Turkey was a new race obviously. It was a great circuit – very good for racing and the drivers were walking around with big smiles on their faces. It was another new facility, which set high standards and it is definitely the face of things to come as far as circuit design goes. [Hermann] Tilke’s design of that track was his best so far.

Overall we were quite comfortable with the amount of races but in some ways it would be better to have a couple less but I’m sure that there is going to be more as we go on!


Of all the races in ’05, the Japanese Grand Prix has to stand out as the ‘best’ of the year doesn’t itÂ… if not the best for a number of years?


I think that would be a fair comment. The Japanese Grand Prix would be right there at number one and the US Grand Prix would be right back there at number 19 in terms of what the scale of the grand’s prix were [from best to worst].

The Japanese Grand Prix was edge of the seat stuff – sensational viewing, great driving from the contenders and just an action packed race. It was something which really said what F1 is all about. If we could produce that at every grand prix I don’t think there would be many people not being able to watch it, because it was pure entertainment.

If we went to the other side and looked at the US GP, we would have to give that the complete thumbs down because that wasn’t entertainment by any means. It is something we desperately don’t want to repeat again. A lot of people have taken flake for it – and there was a lot of issues that got covered up and a lot of things that stood out that will have to be addressed in the future. At this stage it has had a big impact on US market place and F1 didn’t come out looking very good. Hopefully that can get improved upon when we turn up there in 2006.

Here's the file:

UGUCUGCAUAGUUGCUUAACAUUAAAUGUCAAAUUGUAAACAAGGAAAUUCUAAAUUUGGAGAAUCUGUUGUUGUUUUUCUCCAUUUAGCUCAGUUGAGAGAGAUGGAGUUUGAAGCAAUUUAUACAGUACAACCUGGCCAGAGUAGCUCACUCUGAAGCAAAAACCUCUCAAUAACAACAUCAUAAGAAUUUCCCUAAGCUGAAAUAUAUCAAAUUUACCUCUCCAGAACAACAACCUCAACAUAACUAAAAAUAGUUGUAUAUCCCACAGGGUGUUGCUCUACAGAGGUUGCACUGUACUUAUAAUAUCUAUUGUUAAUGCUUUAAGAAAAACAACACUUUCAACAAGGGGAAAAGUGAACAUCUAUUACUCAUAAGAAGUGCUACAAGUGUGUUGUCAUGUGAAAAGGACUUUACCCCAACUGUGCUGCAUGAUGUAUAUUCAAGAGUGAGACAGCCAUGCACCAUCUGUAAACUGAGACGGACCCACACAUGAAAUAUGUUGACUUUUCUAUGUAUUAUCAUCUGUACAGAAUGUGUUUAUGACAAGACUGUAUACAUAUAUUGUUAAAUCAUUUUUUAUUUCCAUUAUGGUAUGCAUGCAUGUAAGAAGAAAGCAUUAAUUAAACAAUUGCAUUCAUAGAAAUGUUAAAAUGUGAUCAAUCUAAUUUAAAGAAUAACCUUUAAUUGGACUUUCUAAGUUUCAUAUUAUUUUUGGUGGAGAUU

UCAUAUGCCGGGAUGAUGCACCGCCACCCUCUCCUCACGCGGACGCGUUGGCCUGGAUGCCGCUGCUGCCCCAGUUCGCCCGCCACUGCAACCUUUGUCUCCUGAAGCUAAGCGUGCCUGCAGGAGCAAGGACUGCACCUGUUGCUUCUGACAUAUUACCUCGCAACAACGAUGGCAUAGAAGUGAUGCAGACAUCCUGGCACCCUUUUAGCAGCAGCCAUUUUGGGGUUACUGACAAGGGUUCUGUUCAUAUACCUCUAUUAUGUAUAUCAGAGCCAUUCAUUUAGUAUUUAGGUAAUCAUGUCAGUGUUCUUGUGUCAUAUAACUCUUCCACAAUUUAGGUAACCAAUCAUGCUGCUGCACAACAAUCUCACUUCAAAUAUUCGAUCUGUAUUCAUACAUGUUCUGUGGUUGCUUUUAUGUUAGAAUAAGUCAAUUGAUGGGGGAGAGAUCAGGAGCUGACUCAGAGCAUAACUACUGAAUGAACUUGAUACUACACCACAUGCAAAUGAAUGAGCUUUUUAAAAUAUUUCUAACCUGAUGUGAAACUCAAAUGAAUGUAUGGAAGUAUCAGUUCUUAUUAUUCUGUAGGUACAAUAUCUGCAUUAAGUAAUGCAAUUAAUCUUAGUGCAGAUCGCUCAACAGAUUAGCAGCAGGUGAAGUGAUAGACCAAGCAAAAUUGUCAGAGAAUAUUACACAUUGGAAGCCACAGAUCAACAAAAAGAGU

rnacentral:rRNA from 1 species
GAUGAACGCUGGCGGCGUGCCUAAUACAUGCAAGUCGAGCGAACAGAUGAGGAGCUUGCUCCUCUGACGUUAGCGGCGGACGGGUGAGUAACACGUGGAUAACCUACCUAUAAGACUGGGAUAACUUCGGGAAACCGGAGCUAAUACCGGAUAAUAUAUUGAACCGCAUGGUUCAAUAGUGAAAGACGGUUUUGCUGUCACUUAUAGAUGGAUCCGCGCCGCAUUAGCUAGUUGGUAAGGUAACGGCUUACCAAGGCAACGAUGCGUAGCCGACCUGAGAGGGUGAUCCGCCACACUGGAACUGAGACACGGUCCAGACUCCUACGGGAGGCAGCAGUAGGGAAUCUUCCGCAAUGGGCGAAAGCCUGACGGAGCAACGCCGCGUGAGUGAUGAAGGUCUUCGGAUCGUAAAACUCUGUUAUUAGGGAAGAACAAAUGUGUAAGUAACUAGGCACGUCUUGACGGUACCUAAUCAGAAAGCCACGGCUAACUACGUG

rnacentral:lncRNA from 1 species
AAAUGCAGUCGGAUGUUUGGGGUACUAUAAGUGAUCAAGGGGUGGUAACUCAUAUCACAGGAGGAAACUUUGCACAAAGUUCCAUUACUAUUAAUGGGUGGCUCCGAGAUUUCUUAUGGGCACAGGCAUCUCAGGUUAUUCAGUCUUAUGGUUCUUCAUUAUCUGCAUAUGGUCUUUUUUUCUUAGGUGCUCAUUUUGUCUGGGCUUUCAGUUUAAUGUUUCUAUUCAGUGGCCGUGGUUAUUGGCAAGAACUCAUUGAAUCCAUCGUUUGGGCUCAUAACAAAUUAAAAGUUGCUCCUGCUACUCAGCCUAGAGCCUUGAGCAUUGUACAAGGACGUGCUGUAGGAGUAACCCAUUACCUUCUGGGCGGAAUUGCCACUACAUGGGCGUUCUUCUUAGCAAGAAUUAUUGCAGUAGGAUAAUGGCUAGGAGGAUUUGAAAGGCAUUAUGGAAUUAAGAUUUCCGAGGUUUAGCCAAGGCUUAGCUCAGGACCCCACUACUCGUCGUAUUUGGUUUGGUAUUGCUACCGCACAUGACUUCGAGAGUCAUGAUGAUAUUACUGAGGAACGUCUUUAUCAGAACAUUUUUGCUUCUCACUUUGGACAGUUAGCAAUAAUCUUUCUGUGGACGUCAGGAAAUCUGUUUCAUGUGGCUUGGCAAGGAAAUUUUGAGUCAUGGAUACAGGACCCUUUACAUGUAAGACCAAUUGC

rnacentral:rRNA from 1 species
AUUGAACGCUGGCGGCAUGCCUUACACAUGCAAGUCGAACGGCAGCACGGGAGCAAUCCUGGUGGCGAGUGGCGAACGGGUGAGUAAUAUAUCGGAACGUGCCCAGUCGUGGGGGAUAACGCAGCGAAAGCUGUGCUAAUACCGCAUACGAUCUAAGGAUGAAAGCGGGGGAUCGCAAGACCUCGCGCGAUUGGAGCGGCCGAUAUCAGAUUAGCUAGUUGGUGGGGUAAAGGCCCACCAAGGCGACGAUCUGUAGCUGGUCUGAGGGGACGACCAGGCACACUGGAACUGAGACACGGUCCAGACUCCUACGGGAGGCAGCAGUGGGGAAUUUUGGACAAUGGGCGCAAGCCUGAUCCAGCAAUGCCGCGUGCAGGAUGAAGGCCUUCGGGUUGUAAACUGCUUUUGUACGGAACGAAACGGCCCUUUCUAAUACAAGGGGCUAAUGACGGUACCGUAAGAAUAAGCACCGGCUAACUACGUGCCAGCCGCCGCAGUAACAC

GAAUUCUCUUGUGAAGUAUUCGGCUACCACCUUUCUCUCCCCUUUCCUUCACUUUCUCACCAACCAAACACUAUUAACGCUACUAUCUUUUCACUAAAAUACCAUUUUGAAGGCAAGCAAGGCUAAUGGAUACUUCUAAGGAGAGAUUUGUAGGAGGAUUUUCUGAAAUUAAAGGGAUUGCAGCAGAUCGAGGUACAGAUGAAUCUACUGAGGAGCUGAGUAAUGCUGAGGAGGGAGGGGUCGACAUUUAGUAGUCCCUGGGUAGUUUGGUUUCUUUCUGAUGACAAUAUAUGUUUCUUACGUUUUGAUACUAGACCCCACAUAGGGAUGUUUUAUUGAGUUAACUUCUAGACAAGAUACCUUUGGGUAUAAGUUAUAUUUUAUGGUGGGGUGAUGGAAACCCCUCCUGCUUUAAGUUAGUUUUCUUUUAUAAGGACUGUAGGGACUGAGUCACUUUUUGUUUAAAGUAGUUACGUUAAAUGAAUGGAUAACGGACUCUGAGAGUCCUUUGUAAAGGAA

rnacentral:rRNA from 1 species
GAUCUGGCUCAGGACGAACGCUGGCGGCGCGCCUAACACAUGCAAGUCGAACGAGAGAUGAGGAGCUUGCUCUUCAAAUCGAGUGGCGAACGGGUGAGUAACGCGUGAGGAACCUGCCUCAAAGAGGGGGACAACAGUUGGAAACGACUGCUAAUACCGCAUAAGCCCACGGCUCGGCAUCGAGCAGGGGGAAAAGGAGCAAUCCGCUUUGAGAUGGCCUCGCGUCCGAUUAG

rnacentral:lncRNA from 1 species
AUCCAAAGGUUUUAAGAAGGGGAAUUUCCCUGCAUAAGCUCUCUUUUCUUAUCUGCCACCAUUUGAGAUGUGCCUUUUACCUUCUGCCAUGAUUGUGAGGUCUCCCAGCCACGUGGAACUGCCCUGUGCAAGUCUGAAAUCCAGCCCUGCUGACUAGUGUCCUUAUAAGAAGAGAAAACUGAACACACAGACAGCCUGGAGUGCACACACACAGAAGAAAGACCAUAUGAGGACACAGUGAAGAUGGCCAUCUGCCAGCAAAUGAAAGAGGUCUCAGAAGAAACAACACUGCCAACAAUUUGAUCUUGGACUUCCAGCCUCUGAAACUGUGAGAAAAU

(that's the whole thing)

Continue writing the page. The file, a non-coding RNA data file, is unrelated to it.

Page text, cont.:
In the tyre war, Michelin had the edge. A big contrast to previous yearsÂ…


Michelin had the edge overall and a well deserved edged, because they played it right in many ways. Bridgestone were slightly off-kilter and the Ferrari-Bridgestone affair was a little bit lacking, because they relied heavily on Ferrari to develop the tyres with them and they got caught out slightly. I think that was costly to the manufacturers’ on both sides whether it be tyre or chassis, because they were slightly behind the eight ball and they never really caught up. So, overall Michelin did the job.

Next year will be slightly different as a few teams are swapping around in terms of who they are positioned with. It will be interesting and I will be eager to see whether the Japanese/Bridgestone pull something out.


Next year it could be very different couldn’t it in terms of who wins the tyre war – especially considering the fact the regulations will change and will probably be more ‘Bridgestone friendly’ now that tyres won’t have to do a whole grand prix?


Yeah, I mean there is going to be some definite differences in terms of the character of races full stop. Again we are thrown into a different area. Bridgestone would be the people you would put your money on to have the better tyre in those conditions in that sort of race. But don’t underestimate Michelin – they are not silly by any means and their credentials and results over the years have shown what they can do and they are going into next year as champions of the tyre manufacturers’, sort of speak. So yeah, it will be very interesting.


How much do you think Bridgestone will be boosted by the addition of Toyota and Williams, two ‘proper’ teams helping Ferrari to develop the tyres?


They will be boosted, because they will have a lot more data coming through. Those teams have got resources to go and get the testing done what they need and they have good quality drivers and personnel. It is all about information gathering and getting it as quickly as possible. It will step up from a one tiered stream of information at the level they require, into three of those. So it will make a difference.

Coming next week: The third and final part of Mark Blundell’s 2005 F1 season